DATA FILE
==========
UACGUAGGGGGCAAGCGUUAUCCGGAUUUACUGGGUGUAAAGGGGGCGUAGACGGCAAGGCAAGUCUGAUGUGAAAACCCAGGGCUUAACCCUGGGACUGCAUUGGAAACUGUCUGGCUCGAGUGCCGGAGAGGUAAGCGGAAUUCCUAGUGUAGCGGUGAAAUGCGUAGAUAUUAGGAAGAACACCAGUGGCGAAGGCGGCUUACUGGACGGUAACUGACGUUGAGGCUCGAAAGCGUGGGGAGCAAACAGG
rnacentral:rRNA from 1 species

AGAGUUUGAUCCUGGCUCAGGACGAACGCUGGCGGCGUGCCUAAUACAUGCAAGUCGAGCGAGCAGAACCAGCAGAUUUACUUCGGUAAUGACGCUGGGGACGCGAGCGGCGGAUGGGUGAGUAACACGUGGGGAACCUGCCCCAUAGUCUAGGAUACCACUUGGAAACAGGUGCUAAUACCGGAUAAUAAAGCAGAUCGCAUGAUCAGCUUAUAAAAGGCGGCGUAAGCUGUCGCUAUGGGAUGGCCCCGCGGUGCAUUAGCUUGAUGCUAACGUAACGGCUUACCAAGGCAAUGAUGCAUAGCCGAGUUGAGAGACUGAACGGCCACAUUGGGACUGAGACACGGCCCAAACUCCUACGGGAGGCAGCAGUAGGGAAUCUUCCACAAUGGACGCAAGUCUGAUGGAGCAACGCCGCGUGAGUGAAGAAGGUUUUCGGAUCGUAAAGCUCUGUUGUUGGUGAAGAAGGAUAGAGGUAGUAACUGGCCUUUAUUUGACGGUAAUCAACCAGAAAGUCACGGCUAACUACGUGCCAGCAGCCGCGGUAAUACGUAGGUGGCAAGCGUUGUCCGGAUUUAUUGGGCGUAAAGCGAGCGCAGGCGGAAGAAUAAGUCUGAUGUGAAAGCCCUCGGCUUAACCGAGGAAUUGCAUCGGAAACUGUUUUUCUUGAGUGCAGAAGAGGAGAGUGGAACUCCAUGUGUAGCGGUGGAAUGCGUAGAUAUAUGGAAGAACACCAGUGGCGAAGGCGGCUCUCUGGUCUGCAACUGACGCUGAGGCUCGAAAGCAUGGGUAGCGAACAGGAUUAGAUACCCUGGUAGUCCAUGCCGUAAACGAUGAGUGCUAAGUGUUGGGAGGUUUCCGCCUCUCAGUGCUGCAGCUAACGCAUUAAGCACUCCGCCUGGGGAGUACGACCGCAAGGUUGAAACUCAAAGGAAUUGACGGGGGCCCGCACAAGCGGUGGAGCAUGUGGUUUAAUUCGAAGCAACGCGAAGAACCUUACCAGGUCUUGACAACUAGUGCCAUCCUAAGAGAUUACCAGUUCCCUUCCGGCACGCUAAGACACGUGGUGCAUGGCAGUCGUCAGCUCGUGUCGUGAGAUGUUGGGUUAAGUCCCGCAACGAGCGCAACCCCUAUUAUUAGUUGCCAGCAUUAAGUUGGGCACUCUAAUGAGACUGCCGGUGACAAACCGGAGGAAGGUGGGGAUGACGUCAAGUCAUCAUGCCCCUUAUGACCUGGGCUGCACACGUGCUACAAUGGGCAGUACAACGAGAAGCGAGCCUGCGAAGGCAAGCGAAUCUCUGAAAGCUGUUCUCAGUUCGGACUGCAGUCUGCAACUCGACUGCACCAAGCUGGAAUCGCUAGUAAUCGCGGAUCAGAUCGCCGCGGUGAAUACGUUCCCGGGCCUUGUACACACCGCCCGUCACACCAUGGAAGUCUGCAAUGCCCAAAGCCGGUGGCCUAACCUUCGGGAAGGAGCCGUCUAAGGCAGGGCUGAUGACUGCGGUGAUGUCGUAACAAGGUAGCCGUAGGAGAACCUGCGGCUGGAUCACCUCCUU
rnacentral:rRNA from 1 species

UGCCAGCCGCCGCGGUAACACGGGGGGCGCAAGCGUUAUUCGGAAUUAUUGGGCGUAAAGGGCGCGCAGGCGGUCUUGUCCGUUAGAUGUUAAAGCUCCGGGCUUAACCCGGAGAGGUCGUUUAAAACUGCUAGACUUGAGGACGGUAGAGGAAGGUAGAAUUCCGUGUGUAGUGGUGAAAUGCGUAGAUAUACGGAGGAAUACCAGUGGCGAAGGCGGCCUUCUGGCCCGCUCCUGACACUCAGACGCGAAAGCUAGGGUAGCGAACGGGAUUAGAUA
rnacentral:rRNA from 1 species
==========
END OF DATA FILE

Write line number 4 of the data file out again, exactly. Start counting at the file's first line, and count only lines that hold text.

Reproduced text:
rnacentral:rRNA from 1 species